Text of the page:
The goal is to stabilize pen blanks and to make plastic resin pen blanks so I think I am at a stage where I will be able to use this pot. The “brand name” pressure pots were more than $350.00

Lee

-- No piece is cut too short. It was meant for a smaller project.

View Karson's profile

Karson

34874 posts in 3052 days


#11 posted 01-15-2010 06:40 AM

Any progress on your stabalizing blanks?

-- I've been blessed with a father who liked to tinker in wood, and a wife who lets me tinker in wood. Southern Delaware karson_morrison@bigfoot.com †

View Gary's profile

Gary

7216 posts in 2084 days


#12 posted 01-15-2010 06:56 AM

Lee, I went to an antique shop, the kind that sells lots of junk too and bought an old canning pot. Has the pressure gage and all. The seals are still available. No where near $350 and they work well…

-- Gary, DeKalb Texas only 4 miles from the mill

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Karson

34874 posts in 3052 days


#13 posted 01-15-2010 07:39 AM

Lee: I found this article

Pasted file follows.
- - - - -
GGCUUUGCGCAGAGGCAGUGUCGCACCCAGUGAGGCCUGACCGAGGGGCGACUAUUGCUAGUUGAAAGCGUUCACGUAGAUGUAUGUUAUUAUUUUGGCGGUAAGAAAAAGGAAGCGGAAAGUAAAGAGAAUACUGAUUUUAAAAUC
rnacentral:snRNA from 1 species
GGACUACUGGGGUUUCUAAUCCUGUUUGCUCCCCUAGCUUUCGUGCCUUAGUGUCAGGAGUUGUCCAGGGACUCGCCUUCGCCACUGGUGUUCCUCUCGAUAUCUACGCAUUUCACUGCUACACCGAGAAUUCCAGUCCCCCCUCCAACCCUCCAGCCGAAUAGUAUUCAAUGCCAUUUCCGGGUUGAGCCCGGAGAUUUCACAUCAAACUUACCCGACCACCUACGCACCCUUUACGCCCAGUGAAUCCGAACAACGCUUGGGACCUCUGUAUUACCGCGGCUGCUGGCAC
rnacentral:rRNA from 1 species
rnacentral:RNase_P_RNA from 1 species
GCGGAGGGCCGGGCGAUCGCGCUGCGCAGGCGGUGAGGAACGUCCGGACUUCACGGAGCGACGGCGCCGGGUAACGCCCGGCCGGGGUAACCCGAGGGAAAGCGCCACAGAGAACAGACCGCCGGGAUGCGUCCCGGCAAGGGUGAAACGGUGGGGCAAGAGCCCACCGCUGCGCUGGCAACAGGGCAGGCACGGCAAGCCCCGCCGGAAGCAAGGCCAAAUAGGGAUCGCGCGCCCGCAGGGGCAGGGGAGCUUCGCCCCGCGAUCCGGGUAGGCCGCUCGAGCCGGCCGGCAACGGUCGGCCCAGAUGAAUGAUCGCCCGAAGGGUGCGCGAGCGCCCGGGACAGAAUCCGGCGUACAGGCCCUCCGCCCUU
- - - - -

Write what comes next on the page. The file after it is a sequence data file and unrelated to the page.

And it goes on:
http://content.penturners.org/articles/2004/polyurethane1.pdf

-- I've been blessed with a father who liked to tinker in wood, and a wife who lets me tinker in wood. Southern Delaware karson_morrison@bigfoot.com †

View JTTHECLOCKMAN's profile

JTTHECLOCKMAN

155 posts in 1801 days


#14 posted 01-15-2010 02:20 PM

What you should have done when you first got it was use some wd40 around the gasket to make it supple. Then you crank the opposite clamps abit and then the other 2 clamps and continue in this manner untill all are tight. You should also mark the tank and lid with a witness mark so that you place the lid back in the same place every time. Now eventually the gasket will need to be replaced. Make sure you do not go above the rated pressure. They have been known to explode.

-- John T.

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Sawdust2

1467 posts in 2739 days


#15 posted 01-15-2010 06:45 PM

I did not use WD40 but it is not too late.
I always crank the clamps like tightening a car tire lug.
I thought about just getting a new, probably better quality, gasket at Ames.
Karson, after I went there I realized I had read it before. I, too, am thinking of drilling the tube hole first.
Like I said, I got the Pen Wizard this week and JR rounds his blanks on the router table before he drills them on the lather. That would remove even more wood to make it easier to stablilize.
Lot’s of ways to experiment.

Lee

-- No piece is cut too short. It was meant for a smaller project.

showing 1 through 15 of 20 replies